If your daughter plays too many video games, there's a chance she might carry a weapon to school or start fights, according to Yale researchers.
The study found some significant health risks and gender differences associated with gaming.
Researchers surveyed more than 4,000 adolescents, at least half of whom played video games. Overall, gaming posed no negative health consequences on boys, but among girls, it was a different story.
Yale found a link between regular game play and girls getting into serious fights and carrying a weapon to school.
Researchers also found that problematic gaming was linked to regular cigarette smoking, drug use, depressions and fights in both boys and girls.
The Yale study, published in the journal Pediatrics, is among the first and largest to examine possible health risks associated with video games in adolescents.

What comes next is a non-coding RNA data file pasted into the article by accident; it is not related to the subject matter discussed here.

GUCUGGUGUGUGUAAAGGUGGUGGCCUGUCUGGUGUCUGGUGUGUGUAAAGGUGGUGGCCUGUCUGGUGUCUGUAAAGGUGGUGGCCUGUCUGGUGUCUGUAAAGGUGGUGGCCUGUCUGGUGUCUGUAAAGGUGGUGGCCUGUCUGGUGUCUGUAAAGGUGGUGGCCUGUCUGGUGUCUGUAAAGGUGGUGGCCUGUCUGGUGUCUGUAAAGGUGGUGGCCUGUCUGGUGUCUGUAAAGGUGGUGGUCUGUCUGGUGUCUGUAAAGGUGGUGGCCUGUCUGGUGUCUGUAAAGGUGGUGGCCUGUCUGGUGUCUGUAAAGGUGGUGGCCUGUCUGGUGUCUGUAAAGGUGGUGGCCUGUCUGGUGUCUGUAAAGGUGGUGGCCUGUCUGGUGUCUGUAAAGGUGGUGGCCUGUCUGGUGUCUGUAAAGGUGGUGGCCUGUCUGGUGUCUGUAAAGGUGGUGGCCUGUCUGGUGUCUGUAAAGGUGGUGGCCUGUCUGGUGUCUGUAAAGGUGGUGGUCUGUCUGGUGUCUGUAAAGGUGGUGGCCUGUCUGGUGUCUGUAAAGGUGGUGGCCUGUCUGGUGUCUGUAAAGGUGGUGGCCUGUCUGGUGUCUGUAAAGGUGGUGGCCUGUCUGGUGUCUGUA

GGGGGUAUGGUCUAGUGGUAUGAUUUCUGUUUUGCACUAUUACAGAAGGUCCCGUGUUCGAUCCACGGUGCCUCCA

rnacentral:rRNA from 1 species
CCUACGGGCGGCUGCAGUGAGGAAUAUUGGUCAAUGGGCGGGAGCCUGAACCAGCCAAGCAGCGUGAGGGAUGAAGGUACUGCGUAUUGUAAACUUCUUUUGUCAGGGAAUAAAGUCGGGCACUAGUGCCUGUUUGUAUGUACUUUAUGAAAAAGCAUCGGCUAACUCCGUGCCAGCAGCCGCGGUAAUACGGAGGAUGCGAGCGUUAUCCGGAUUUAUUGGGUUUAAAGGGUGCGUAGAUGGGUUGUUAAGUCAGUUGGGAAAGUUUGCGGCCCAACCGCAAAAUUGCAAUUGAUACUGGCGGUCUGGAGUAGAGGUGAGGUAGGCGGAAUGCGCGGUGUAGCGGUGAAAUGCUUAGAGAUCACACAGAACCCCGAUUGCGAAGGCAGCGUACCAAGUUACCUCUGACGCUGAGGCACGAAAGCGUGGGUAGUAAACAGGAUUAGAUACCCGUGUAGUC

The study also showed that less than 5 percent of those surveyed reported having trouble cutting back on their gaming amd boys were more likely to feel that way than girls.
"The results suggest that, in general, recreational gaming is relatively harmless, particularly in boys. This is in contract to many previously publicized reports suggesting that gaming leads to aggression," said Rani Desai, an associate professor of psychiatry and epidemiology and public health at Yale.
Desai said more research is needed to define safe levels of gaming and to evaluate effective prevention and intervention strategies.